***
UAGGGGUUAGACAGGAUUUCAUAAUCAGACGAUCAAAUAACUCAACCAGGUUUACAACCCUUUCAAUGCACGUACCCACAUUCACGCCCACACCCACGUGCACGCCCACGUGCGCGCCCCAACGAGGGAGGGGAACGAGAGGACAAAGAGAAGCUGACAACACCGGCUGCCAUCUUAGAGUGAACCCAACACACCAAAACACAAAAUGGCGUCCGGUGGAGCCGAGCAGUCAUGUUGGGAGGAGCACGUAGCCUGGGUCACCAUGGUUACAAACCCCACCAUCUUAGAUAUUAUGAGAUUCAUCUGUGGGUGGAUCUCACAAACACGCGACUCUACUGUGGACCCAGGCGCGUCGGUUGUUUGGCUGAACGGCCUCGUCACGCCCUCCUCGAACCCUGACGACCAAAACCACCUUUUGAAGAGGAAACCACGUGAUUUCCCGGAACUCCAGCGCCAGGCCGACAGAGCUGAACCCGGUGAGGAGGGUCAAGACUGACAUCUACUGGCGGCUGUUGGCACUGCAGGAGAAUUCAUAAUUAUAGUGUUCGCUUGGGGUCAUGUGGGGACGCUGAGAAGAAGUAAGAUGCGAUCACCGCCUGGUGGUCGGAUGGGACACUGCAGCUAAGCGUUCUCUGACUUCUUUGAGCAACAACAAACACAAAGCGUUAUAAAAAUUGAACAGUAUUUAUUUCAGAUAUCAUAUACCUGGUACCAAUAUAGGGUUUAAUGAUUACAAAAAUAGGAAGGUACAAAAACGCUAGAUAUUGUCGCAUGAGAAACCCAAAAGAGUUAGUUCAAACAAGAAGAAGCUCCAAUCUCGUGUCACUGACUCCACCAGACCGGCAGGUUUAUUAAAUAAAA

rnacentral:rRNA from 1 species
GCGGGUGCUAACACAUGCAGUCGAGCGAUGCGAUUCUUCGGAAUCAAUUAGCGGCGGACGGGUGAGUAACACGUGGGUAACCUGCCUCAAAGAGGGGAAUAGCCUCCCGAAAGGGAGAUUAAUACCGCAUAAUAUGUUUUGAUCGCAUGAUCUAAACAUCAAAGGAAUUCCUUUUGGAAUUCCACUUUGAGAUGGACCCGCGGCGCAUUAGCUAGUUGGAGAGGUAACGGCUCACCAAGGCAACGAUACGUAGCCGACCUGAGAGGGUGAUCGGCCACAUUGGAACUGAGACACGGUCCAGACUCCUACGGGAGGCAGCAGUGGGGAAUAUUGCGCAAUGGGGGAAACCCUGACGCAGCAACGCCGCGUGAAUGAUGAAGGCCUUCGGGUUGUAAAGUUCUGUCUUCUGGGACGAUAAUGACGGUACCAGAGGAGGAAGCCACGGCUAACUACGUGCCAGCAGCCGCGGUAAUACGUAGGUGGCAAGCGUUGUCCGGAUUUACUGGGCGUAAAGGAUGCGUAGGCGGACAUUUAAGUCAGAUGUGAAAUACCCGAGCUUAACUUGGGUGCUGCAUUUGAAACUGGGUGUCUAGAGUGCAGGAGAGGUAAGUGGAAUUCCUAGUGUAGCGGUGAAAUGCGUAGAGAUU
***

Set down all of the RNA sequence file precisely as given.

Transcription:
UAGGGGUUAGACAGGAUUUCAUAAUCAGACGAUCAAAUAACUCAACCAGGUUUACAACCCUUUCAAUGCACGUACCCACAUUCACGCCCACACCCACGUGCACGCCCACGUGCGCGCCCCAACGAGGGAGGGGAACGAGAGGACAAAGAGAAGCUGACAACACCGGCUGCCAUCUUAGAGUGAACCCAACACACCAAAACACAAAAUGGCGUCCGGUGGAGCCGAGCAGUCAUGUUGGGAGGAGCACGUAGCCUGGGUCACCAUGGUUACAAACCCCACCAUCUUAGAUAUUAUGAGAUUCAUCUGUGGGUGGAUCUCACAAACACGCGACUCUACUGUGGACCCAGGCGCGUCGGUUGUUUGGCUGAACGGCCUCGUCACGCCCUCCUCGAACCCUGACGACCAAAACCACCUUUUGAAGAGGAAACCACGUGAUUUCCCGGAACUCCAGCGCCAGGCCGACAGAGCUGAACCCGGUGAGGAGGGUCAAGACUGACAUCUACUGGCGGCUGUUGGCACUGCAGGAGAAUUCAUAAUUAUAGUGUUCGCUUGGGGUCAUGUGGGGACGCUGAGAAGAAGUAAGAUGCGAUCACCGCCUGGUGGUCGGAUGGGACACUGCAGCUAAGCGUUCUCUGACUUCUUUGAGCAACAACAAACACAAAGCGUUAUAAAAAUUGAACAGUAUUUAUUUCAGAUAUCAUAUACCUGGUACCAAUAUAGGGUUUAAUGAUUACAAAAAUAGGAAGGUACAAAAACGCUAGAUAUUGUCGCAUGAGAAACCCAAAAGAGUUAGUUCAAACAAGAAGAAGCUCCAAUCUCGUGUCACUGACUCCACCAGACCGGCAGGUUUAUUAAAUAAAA

rnacentral:rRNA from 1 species
GCGGGUGCUAACACAUGCAGUCGAGCGAUGCGAUUCUUCGGAAUCAAUUAGCGGCGGACGGGUGAGUAACACGUGGGUAACCUGCCUCAAAGAGGGGAAUAGCCUCCCGAAAGGGAGAUUAAUACCGCAUAAUAUGUUUUGAUCGCAUGAUCUAAACAUCAAAGGAAUUCCUUUUGGAAUUCCACUUUGAGAUGGACCCGCGGCGCAUUAGCUAGUUGGAGAGGUAACGGCUCACCAAGGCAACGAUACGUAGCCGACCUGAGAGGGUGAUCGGCCACAUUGGAACUGAGACACGGUCCAGACUCCUACGGGAGGCAGCAGUGGGGAAUAUUGCGCAAUGGGGGAAACCCUGACGCAGCAACGCCGCGUGAAUGAUGAAGGCCUUCGGGUUGUAAAGUUCUGUCUUCUGGGACGAUAAUGACGGUACCAGAGGAGGAAGCCACGGCUAACUACGUGCCAGCAGCCGCGGUAAUACGUAGGUGGCAAGCGUUGUCCGGAUUUACUGGGCGUAAAGGAUGCGUAGGCGGACAUUUAAGUCAGAUGUGAAAUACCCGAGCUUAACUUGGGUGCUGCAUUUGAAACUGGGUGUCUAGAGUGCAGGAGAGGUAAGUGGAAUUCCUAGUGUAGCGGUGAAAUGCGUAGAGAUU